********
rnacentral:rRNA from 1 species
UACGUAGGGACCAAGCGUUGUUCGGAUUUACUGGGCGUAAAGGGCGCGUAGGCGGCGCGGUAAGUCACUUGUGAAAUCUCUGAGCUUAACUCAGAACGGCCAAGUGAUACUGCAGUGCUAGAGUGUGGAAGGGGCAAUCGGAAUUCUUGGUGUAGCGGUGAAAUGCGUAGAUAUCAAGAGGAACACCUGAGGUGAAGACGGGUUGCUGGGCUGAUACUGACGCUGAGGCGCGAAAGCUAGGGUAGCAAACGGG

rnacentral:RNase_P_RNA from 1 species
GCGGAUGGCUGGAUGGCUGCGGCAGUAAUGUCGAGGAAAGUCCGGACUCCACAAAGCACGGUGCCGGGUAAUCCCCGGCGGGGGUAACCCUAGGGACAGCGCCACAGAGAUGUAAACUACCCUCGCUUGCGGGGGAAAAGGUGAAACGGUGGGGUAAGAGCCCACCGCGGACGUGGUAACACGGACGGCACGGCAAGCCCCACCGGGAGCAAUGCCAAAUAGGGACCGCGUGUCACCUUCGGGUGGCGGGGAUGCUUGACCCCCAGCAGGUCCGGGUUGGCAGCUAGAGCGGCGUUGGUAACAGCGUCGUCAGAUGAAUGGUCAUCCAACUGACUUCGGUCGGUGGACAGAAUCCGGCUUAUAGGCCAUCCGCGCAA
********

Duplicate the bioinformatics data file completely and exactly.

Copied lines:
rnacentral:rRNA from 1 species
UACGUAGGGACCAAGCGUUGUUCGGAUUUACUGGGCGUAAAGGGCGCGUAGGCGGCGCGGUAAGUCACUUGUGAAAUCUCUGAGCUUAACUCAGAACGGCCAAGUGAUACUGCAGUGCUAGAGUGUGGAAGGGGCAAUCGGAAUUCUUGGUGUAGCGGUGAAAUGCGUAGAUAUCAAGAGGAACACCUGAGGUGAAGACGGGUUGCUGGGCUGAUACUGACGCUGAGGCGCGAAAGCUAGGGUAGCAAACGGG

rnacentral:RNase_P_RNA from 1 species
GCGGAUGGCUGGAUGGCUGCGGCAGUAAUGUCGAGGAAAGUCCGGACUCCACAAAGCACGGUGCCGGGUAAUCCCCGGCGGGGGUAACCCUAGGGACAGCGCCACAGAGAUGUAAACUACCCUCGCUUGCGGGGGAAAAGGUGAAACGGUGGGGUAAGAGCCCACCGCGGACGUGGUAACACGGACGGCACGGCAAGCCCCACCGGGAGCAAUGCCAAAUAGGGACCGCGUGUCACCUUCGGGUGGCGGGGAUGCUUGACCCCCAGCAGGUCCGGGUUGGCAGCUAGAGCGGCGUUGGUAACAGCGUCGUCAGAUGAAUGGUCAUCCAACUGACUUCGGUCGGUGGACAGAAUCCGGCUUAUAGGCCAUCCGCGCAA